DE SADE BUSTER
The full title of Peter Weiss's Marat/Sade is The Persecution and Assassination of Jean-Paul Marat as Performed by the Inmates of the Asylum of Charenton Under the Direction of the Marquis de Sade. A mouthful--and really a much more proper title than the abbreviated one. This is a long, complicated play, and its long, complicated ideas about revolutionary politics clash in a furious array, leaving the viewer sometimes breathless, sometimes dazed and often intrigued. CityStage Ensemble's savvy production gets Weiss right. But don't expect to feel entertained, touched or enlightened--this eccentric piece of theater isn't about that.
What it is about is difficult to describe. There's no plot in the usual sense. The action takes place in a nineteenth-century insane asylum where the inmates are allowed to put on plays directed by the Marquis de Sade (you know, the guy whose favorite sport was sexual torture). In real life, de Sade actually did present plays at the Charenton asylum that were popular among the cultural elite. Weiss uses that odd historical fact to his advantage to present this dialectic.
In the play within the play, de Sade decides to present a re-enactment of the death of Jean-Paul Marat, one of the architects of the French Revolution. The role of Marat is played by a paranoid inmate; the woman who assassinates him, Charlotte Corday, by a narcoleptic; her lover, Duperret, by a satyr; and all the other roles by patients in various states of twitching, smiling, drooling madness. Only de Sade seems to have his wits about him at all times.
The stage is set to resemble the asylum's bathhouse. Chains on the back wall are used to restrain inmates, and "nurses" with billy clubs help correct patients who get out of line. The actors are all dressed in ghastly rags, and Marat comes out in bloodstained bandages, his skin covered in sores. The only relief he can find for his feverish skin disease is in a cold bath--and he spends most of his time there, writing a "call to the nation" that's intended to rekindle revolutionary ardor among the people.
The philosophical arguments that ensue between Marat and de Sade are complex and often difficult to follow. In one of the play's most compelling moments, de Sade explains that one can't know truth because truth is always changing; man is nothing but a mad animal. For the cynical de Sade, an aristocrat who supported the revolution, the answer is to retreat into his own imagination, which is a pretty perverse one. He's a true solipsist. Marat, whom Weiss envisions as a kind of Marxist before his time, argues that people are so encumbered by ideas from the past and so unwilling to make sacrifices that the only answer to societal problems is violent revolution. The ironies are thick and heavy as the sadist eschews violence and the idealist embraces it.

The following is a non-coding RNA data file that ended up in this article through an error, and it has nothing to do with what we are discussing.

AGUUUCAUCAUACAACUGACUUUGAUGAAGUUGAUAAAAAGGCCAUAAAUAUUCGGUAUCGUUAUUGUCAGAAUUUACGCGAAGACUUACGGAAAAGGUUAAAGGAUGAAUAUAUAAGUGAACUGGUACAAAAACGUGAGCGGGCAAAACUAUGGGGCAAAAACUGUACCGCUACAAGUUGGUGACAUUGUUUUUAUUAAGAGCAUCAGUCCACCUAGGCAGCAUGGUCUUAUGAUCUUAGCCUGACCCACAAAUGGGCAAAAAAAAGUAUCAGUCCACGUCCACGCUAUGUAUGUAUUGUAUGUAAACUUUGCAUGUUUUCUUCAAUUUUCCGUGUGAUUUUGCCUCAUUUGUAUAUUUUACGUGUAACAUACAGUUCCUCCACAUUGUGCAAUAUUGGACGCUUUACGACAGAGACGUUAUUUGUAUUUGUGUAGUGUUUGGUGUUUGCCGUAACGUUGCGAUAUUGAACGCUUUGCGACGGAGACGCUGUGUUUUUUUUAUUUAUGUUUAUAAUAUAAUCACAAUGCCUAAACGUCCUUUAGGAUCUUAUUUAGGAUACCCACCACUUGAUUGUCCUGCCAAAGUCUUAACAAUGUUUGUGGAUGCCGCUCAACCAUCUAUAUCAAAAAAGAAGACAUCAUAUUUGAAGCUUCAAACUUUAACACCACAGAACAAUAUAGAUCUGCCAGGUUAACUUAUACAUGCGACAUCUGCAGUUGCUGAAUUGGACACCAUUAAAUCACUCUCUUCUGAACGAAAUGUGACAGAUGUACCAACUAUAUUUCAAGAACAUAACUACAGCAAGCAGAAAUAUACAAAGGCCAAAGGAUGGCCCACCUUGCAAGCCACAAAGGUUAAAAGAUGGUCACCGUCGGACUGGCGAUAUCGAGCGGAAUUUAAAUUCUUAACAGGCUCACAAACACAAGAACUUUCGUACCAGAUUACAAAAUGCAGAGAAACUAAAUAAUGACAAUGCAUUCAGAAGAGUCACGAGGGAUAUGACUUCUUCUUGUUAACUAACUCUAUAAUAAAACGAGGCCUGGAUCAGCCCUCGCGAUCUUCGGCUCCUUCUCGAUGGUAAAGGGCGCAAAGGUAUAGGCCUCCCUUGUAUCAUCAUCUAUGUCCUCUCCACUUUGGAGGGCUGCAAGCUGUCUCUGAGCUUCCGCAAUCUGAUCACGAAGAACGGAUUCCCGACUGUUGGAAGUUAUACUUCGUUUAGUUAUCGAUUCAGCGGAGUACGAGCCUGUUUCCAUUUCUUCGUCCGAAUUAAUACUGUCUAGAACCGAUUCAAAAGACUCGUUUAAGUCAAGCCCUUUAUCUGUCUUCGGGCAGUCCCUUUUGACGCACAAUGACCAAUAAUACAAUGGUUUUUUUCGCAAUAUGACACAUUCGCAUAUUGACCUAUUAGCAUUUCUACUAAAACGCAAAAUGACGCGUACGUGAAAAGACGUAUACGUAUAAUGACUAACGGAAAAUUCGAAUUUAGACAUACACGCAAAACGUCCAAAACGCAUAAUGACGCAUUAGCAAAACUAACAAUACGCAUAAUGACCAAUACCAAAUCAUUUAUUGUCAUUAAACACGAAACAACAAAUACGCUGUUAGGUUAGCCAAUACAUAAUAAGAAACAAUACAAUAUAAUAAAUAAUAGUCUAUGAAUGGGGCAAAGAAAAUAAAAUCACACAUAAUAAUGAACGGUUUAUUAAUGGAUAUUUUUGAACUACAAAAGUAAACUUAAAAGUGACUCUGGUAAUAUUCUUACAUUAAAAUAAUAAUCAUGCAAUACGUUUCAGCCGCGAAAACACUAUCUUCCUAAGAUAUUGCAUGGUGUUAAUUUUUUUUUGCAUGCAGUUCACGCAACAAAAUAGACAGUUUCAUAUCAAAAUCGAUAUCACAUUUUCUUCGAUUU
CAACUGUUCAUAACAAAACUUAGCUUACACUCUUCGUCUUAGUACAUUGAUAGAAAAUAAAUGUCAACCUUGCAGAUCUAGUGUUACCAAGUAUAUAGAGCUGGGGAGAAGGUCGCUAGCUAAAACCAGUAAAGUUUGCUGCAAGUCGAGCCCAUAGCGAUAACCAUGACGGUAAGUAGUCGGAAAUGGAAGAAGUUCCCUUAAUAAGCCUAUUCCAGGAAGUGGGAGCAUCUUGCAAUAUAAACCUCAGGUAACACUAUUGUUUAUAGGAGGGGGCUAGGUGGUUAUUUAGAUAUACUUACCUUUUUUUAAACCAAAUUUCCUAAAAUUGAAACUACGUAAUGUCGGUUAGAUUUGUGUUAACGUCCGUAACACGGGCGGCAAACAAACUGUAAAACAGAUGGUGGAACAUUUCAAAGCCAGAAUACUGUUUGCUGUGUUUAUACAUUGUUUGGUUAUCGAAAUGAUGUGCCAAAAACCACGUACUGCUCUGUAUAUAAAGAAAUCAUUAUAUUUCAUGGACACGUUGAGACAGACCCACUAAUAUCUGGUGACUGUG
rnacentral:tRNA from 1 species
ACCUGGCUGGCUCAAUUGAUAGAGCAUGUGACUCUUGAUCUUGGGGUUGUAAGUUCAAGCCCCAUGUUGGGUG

A fine cast keeps us at an appropriate intellectual distance from the action, a la Bertolt Brecht. Dan Hiester's inventive directing, and especially the fine original score composed and performed by Carlton Bacon, create just the right atmosphere of dread, while the actors swirl and crash into each other, creating a carefully choreographed chaos on stage.
Christopher Leo dresses in gossamer ivory as de Sade and achieves extraordinary clarity for an American playing a European aristocrat--he actually makes us believe in the importance of class differences. He carries himself like translucent porcelain, through which the shadows of de Sade's perversity dance. Terry Burnsed gives yet another intelligent performance as Marat. He moves from a rich, intense naturalism to obnoxious rhetoric when Marat rabble-rouses, making the character alternately sympathetic and irritating.
One of the best performances of the night belongs to Greg Ward as a dangerous madman who in de Sade's production plays a defrocked priest turned revolutionary. Ward's passion is so powerful, his descent into madness so palpable, that he actually manages to insinuate some humanity into this cold tale. Rebekah Buric is the other warm presence on stage. She melts into the half-unconscious narcoleptic patient and then forms again as Charlotte Corday before your eyes, like mercury on the run.
Weiss's work is a strange play, full of contradictions and icy politics. And though it seems dated since its debut in the radical mid-1960s, it still has its moments of relevance, especially when Marat speaks of government's neglect for society's oppressed. The play gives us the opportunity to consider the implications of both Marat's and de Sade's arguments. But it has an agenda, even if that agenda seems obscure. Between the grotesque descriptions of torture and the revolutionary rhetoric lies a cerebral work that somehow manages to wrench the gut without ever touching the heart.
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